It is also believed that the condition is exacerbated by the idea that local cells or nerves become damaged and release endorphins that act not only as strong analgesics, but also provide a natural “high” that just leads to more licking. It becomes a seemingly impossible cycle to break.
WHAT ARE THE TREATMENTS?
The main concern is infection, so that is usually the first treatment. The infection often requires 6 to 12 weeks of oral antibiotics. Because each dog is unique, what works for one may not work for another. Therefore, it may be necessary to try different treatments until you find one that works for your dog. As always, consult with your veterinarian before starting any type of treatment. Some of these treatments may include:
- Anti-inflammatory medications
- Topical medications
- Electronic “bandages”
- Physical barriers (bandages, cone collars)
- Behavioral modification
- Surgery or laser treatments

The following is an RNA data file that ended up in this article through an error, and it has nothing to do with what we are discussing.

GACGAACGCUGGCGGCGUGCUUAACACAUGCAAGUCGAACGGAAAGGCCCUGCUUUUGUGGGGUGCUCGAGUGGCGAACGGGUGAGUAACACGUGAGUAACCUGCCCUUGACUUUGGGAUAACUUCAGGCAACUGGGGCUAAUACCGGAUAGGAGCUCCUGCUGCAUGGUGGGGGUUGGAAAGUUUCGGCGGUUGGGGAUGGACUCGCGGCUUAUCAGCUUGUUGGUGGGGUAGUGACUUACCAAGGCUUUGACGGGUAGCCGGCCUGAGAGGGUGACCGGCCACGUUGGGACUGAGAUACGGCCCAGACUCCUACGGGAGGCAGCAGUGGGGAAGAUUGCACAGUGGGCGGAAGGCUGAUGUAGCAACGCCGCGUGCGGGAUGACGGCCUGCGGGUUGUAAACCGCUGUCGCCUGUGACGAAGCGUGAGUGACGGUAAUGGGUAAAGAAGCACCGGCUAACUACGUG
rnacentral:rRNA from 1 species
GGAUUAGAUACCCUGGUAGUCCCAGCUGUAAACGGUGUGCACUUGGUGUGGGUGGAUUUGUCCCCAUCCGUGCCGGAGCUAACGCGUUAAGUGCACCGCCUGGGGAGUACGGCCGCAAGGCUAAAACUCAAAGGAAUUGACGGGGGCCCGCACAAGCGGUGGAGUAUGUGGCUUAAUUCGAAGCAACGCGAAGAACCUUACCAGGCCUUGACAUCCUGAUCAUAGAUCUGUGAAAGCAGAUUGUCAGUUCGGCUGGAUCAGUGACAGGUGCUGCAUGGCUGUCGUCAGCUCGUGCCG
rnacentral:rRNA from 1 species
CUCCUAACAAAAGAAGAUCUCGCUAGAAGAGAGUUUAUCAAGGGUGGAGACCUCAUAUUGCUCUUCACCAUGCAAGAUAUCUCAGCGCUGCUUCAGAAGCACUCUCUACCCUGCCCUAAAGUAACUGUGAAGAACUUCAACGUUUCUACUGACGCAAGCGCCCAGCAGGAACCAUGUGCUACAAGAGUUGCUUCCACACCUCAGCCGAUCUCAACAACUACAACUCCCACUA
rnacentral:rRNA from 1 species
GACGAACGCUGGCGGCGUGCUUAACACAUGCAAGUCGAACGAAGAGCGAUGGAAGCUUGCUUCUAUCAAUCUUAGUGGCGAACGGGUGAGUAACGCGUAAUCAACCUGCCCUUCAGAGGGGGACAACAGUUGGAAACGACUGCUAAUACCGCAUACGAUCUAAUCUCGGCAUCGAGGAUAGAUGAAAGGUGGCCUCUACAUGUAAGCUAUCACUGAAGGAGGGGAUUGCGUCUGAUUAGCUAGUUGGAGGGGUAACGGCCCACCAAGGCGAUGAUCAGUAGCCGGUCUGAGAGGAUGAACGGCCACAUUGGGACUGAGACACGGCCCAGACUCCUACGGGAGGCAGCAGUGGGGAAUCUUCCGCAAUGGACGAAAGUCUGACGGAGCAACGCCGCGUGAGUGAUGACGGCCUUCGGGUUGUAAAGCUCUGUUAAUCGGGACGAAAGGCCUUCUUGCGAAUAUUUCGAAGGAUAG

While lick granulomas are difficult to cure, they are usually manageable. This is rarely a life-threatening condition, although it is irritating for the dog, and as I can attest to, for the owner as well. Dogs that receive early treatment have a much better chance for a favorable outcome than dogs with advanced conditions.
Pebbles is still on antibiotics and so far the laser treatments don’t seem to be helping much. We will soon be making a trip to see our veterinarian again to perhaps try some anxiety medications. I hope we can solve this problem soon, it is distressing to me to see this open wound on her tiny little paw and watch her excessively lick it. I am hopeful that we will find the right treatment and thankful that we at least began treatment early.
At this writing, we’ve been dealing with it for over a year. We get it all healed up, the hair grows back and she’ll start a new one all over again. At this time, along with the antibiotics that she is back on, I put a topical ointment on it every morning, afternoon and again in the evening. She has to wear her Elizabethan collar every day (some call this a “collar of shame, I think that name is shameful! Why should she be ashamed?). Then I wrap it every night so she won’t have to wear the collar to bed. The wrap won’t work for during the day because she just keeps licking and biting it until she gets it pulled down far enough she can lick the spot….. or if you don’t wrap the entire leg, she starts a new one. I also am giving her melatonin every day for anxiety.